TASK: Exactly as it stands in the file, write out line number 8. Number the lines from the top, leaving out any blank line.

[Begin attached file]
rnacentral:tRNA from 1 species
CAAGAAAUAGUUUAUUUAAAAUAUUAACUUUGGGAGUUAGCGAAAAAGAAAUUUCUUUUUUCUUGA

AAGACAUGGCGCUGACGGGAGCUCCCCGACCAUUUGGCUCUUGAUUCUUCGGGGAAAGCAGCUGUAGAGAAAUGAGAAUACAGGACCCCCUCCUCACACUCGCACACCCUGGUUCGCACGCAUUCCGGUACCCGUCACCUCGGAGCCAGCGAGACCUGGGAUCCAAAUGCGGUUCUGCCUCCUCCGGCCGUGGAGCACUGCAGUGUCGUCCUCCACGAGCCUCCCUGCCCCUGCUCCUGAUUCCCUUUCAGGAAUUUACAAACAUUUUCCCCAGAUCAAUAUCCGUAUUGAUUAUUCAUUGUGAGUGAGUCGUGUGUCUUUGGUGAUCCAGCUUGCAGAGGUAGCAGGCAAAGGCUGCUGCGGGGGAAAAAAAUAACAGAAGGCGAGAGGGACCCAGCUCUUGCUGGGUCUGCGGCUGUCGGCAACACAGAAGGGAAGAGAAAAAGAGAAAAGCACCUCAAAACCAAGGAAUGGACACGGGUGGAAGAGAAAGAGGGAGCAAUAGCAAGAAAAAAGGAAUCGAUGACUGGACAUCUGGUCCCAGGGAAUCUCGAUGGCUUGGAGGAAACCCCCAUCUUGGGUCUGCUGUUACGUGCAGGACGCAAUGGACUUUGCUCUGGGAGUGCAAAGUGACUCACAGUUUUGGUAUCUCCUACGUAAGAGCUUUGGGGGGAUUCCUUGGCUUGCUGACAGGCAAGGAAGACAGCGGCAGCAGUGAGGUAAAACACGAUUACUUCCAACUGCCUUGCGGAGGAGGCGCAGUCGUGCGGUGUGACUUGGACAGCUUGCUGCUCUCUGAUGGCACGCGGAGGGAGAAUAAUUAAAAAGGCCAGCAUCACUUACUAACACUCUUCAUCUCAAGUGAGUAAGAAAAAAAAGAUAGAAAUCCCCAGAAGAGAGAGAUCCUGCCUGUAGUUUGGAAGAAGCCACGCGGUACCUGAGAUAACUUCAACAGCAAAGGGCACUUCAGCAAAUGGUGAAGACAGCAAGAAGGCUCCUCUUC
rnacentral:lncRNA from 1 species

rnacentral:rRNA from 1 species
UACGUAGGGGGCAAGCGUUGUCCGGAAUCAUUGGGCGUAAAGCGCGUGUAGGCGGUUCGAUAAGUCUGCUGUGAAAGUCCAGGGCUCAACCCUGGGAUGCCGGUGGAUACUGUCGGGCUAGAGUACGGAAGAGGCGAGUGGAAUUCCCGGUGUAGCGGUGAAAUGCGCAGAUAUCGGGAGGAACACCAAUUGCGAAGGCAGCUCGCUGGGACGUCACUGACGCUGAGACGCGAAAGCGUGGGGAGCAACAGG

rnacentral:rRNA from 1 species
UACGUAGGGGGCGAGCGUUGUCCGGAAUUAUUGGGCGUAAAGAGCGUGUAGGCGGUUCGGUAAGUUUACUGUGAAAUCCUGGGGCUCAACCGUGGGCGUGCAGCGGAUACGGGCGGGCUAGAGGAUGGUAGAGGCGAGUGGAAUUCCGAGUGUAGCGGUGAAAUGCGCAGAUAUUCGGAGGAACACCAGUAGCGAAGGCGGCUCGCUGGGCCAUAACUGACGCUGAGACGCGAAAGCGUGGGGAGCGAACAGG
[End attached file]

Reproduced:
UACGUAGGGGGCGAGCGUUGUCCGGAAUUAUUGGGCGUAAAGAGCGUGUAGGCGGUUCGGUAAGUUUACUGUGAAAUCCUGGGGCUCAACCGUGGGCGUGCAGCGGAUACGGGCGGGCUAGAGGAUGGUAGAGGCGAGUGGAAUUCCGAGUGUAGCGGUGAAAUGCGCAGAUAUUCGGAGGAACACCAGUAGCGAAGGCGGCUCGCUGGGCCAUAACUGACGCUGAGACGCGAAAGCGUGGGGAGCGAACAGG